The Manassas Gap Railroad Independent Line is a remnant of one of several railroads built in the antebellum period in Northern Virginia to replace older wagon and river transport networks linking the Shenandoah Valley with the port of Alexandria. Incorporated in 1850, the railroad represented the efforts of Alexandria merchants to recapture much of the wheat trade that since 1836 had been diverted from the Shenandoah Valley to Baltimore via the Baltimore and Ohio Railroad. Although the railroad’s main line reached as far as Mount Jackson in the Shenandoah Valley by 1856, the two Loudoun County branches of the railroad were not completed by the time the railroad began experiencing financial problems after 1857. During the Civil War, the Manassas Gap Railroad Independent Line was used to transport Confederate soldiers who fought in the First and Second Battles of Manassas in 1861 and 1862. A well-preserved 1,870-foot-long section of the railroad bed near Annandale in Fairfax County is currently preserved and maintained as a pedestrian trail and park by the Fairfax County Park Authority.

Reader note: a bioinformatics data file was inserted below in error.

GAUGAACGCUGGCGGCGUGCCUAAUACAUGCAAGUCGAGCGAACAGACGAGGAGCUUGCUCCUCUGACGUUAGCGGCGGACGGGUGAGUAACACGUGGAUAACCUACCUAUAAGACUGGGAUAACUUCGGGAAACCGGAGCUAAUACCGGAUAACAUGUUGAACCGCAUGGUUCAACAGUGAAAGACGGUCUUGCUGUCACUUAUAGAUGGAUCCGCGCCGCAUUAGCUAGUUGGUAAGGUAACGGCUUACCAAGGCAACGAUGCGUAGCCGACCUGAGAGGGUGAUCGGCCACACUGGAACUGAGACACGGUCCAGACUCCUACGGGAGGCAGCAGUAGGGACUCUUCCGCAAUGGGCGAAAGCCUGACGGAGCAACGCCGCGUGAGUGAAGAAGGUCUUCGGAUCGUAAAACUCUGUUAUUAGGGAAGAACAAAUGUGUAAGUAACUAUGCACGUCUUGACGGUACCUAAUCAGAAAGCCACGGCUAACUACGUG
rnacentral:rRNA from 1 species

[VLR Listed Only]
Many properties listed in the registers are private dwellings and are not open to the public, however many are visible from the public right-of-way. Please be respectful of owner privacy.
VLR: Virginia Landmarks Register
NPS: National Park Service
NRHP: National Register of Historic Places
NHL: National Historic Landmark